• Last year, I quit my career in advertising after 7 years because I believed in an awesome community called SOCO. This year, I helped Greg Hilton + team open up a new space (yasss 80808) and have made so many connections within this community on a work + personal level! I’ve laughed, I’ve cried, I’ve carried a ton of beers with many of you folks–and I’m so thankful for all of it.

Personal wins:

  • Stuck with therapy for over a year and am so much more balanced than I ever thought I could be. It’s been a rollercoaster of a year or two but I’ve finally learned to manage my anxiety and how important self-care + boundaries are to a successful work/life/relationship balance.
  • I was named as one of Columbia, SC’s (4) ambassadors for their pilot year. I got to showcase this city that I love and was featured across video, digital and print! (look ma, I’m famous!)
  • Finally got over my fear and self-consciousness of being in front of a crowd + in front of a camera. I’m still not 100% at public speaking but I don’t black out during it anymore haha.

— Lynn Luc, SOCO Community Engagement Manager

Members working and hanging out on the back patio at SOCO BullStreet.

Here it goes… closing out 2019 with some big wins.

1. Divorce – After a very long separation my divorce was finalized earlier this month. What a relief knowing that I can officially close this chapter in my life and move ahead.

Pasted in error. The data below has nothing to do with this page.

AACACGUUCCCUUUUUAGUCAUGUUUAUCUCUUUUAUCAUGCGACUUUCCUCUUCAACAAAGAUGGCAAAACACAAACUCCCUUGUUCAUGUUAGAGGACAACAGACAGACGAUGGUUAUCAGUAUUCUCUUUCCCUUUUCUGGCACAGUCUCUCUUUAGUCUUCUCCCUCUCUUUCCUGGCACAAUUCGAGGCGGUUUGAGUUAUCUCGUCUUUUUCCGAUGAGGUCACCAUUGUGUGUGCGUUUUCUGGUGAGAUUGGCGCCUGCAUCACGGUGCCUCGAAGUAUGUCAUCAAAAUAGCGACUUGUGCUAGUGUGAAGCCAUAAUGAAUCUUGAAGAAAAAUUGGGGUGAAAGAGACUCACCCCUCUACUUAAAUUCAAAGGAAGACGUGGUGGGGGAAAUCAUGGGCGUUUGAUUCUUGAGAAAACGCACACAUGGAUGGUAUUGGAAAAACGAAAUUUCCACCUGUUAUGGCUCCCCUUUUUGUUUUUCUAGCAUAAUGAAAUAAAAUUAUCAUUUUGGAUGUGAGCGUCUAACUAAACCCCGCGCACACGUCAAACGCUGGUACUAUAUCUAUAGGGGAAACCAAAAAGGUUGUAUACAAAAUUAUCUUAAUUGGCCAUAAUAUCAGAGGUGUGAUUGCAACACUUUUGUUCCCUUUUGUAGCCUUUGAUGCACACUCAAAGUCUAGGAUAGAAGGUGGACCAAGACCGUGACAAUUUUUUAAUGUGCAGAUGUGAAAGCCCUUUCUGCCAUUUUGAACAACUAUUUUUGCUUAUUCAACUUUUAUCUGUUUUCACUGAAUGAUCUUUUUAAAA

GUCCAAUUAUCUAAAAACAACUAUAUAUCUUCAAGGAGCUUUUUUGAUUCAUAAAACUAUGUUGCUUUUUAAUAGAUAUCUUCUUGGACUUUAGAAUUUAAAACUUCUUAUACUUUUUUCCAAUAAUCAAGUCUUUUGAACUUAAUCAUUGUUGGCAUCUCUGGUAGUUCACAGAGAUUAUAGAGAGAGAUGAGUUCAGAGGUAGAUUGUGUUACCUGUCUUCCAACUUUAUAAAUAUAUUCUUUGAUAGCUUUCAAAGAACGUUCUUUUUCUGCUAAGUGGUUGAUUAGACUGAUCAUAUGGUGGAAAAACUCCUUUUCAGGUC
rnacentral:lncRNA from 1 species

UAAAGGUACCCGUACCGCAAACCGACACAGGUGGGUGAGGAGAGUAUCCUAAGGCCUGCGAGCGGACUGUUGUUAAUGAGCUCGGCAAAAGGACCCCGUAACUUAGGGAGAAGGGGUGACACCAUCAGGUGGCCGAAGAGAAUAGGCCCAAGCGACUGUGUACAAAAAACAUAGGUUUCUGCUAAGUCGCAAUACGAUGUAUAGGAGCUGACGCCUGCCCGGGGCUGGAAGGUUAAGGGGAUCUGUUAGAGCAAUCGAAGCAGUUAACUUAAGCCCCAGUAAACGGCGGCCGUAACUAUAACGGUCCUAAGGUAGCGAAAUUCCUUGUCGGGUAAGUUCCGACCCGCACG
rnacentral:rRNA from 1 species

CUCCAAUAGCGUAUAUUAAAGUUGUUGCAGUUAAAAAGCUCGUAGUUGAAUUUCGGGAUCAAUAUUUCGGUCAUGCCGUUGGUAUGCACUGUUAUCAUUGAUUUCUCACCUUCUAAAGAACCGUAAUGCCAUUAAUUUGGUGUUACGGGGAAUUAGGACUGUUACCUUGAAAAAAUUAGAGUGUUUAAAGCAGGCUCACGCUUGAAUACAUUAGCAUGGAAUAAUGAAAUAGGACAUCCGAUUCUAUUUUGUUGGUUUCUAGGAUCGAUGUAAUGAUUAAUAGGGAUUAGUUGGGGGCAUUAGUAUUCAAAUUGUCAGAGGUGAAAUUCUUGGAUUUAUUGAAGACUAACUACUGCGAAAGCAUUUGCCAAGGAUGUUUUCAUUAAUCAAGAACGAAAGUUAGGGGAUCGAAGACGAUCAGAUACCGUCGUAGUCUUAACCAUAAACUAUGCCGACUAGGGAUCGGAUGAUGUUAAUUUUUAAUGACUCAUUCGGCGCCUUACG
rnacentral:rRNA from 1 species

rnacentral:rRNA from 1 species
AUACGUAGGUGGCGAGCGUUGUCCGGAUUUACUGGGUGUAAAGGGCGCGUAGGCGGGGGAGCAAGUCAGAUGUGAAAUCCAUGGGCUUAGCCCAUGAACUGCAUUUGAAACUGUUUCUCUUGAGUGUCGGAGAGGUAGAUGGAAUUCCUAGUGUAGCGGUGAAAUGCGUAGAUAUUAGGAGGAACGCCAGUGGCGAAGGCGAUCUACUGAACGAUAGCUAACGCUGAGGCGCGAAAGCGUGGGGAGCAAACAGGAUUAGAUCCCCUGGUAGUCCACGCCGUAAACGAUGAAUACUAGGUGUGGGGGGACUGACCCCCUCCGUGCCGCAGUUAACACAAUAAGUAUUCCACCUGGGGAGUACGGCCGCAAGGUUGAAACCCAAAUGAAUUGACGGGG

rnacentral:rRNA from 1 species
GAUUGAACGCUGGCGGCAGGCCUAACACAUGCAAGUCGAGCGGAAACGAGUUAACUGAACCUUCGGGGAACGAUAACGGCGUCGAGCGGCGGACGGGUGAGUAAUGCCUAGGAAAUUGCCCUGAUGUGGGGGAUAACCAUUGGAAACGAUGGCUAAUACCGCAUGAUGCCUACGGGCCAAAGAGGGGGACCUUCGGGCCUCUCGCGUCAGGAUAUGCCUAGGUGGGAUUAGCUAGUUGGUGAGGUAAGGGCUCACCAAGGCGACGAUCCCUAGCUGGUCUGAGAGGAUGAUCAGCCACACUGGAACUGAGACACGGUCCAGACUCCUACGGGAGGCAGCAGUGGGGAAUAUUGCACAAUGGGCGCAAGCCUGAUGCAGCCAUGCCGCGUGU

2. Dumped my flooded house – After 13 months my short sale contract finally closed. Another headache behind me, and ironically the same week as the divorce was finalized… so I like now like to say a Marie Kondo’d my life in one week.

3. Moved Back to the Midlands – I’ve dreamed of moving back home for the last decade, and I finally moved back in late summer. I’m falling in love with the new, improved Soda City… so much has changed in 15 years!

4. Bucket List – This year I fulfilled a childhood dream to see the Macy’s Thanksgiving Day Parade in person.

5. Completed 3 half marathons this year.


1. Survived 2019 – This year was met with struggles of all kinds from personal chaos (flood & divorce) to staff turnover to mass media scares in the DR. Although my year end numbers aren’t where they should be I’m just grateful to celebrate another year in business.

2. Awarded NEST Elite Agency – For the second consecutive year our agency received this prestigious designation from our consortia.

3. Celebrated Grand Opening of Hard Rock Los Cabos Resort – I earned a Silver Platinum Sales Award from Hard Rock Resorts and attended the grand opening ceremonies at Hard Rock Los Cabos. The events included concerts from Enrique Iglesias and Bret Michaels and pool parties hosted by Lil Jon. I even smashed a guitar at the opening event! 
— Tara McCoy, Travel Consultant

Our furry friends are members of the SOCO Community, too!
They love “working” at SOCO BullStreet.

Best revenue year since firm began,  anchored by completion of approximately $15 million total compensation class action settlement.  Moved to 80808 and became even more enmeshed in community that we love. Got a baller digital fireplace for our new 808 crib.
— Dave Maxfield, Consumer Protection Lawyer